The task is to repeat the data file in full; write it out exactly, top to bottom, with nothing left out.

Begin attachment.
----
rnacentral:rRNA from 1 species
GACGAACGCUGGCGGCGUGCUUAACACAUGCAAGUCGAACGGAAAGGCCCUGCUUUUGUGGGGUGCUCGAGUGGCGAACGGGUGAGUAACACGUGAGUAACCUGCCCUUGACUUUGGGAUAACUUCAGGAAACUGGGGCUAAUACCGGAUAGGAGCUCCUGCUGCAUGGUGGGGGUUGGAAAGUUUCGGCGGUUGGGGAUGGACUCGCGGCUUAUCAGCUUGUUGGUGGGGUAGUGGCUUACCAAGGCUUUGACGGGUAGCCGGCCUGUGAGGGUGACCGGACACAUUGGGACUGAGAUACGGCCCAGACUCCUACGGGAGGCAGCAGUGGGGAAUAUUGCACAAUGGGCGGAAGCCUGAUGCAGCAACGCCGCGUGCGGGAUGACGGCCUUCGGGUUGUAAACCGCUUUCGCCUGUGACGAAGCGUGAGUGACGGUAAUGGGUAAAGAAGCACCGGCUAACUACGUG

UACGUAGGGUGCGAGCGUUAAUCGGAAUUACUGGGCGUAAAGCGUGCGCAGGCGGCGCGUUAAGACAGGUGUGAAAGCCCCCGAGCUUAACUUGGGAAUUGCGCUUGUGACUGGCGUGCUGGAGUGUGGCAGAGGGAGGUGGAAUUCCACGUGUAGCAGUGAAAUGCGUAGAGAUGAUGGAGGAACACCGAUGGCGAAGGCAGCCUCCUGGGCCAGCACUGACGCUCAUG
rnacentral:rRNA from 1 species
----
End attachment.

rnacentral:rRNA from 1 species
GACGAACGCUGGCGGCGUGCUUAACACAUGCAAGUCGAACGGAAAGGCCCUGCUUUUGUGGGGUGCUCGAGUGGCGAACGGGUGAGUAACACGUGAGUAACCUGCCCUUGACUUUGGGAUAACUUCAGGAAACUGGGGCUAAUACCGGAUAGGAGCUCCUGCUGCAUGGUGGGGGUUGGAAAGUUUCGGCGGUUGGGGAUGGACUCGCGGCUUAUCAGCUUGUUGGUGGGGUAGUGGCUUACCAAGGCUUUGACGGGUAGCCGGCCUGUGAGGGUGACCGGACACAUUGGGACUGAGAUACGGCCCAGACUCCUACGGGAGGCAGCAGUGGGGAAUAUUGCACAAUGGGCGGAAGCCUGAUGCAGCAACGCCGCGUGCGGGAUGACGGCCUUCGGGUUGUAAACCGCUUUCGCCUGUGACGAAGCGUGAGUGACGGUAAUGGGUAAAGAAGCACCGGCUAACUACGUG

UACGUAGGGUGCGAGCGUUAAUCGGAAUUACUGGGCGUAAAGCGUGCGCAGGCGGCGCGUUAAGACAGGUGUGAAAGCCCCCGAGCUUAACUUGGGAAUUGCGCUUGUGACUGGCGUGCUGGAGUGUGGCAGAGGGAGGUGGAAUUCCACGUGUAGCAGUGAAAUGCGUAGAGAUGAUGGAGGAACACCGAUGGCGAAGGCAGCCUCCUGGGCCAGCACUGACGCUCAUG
rnacentral:rRNA from 1 species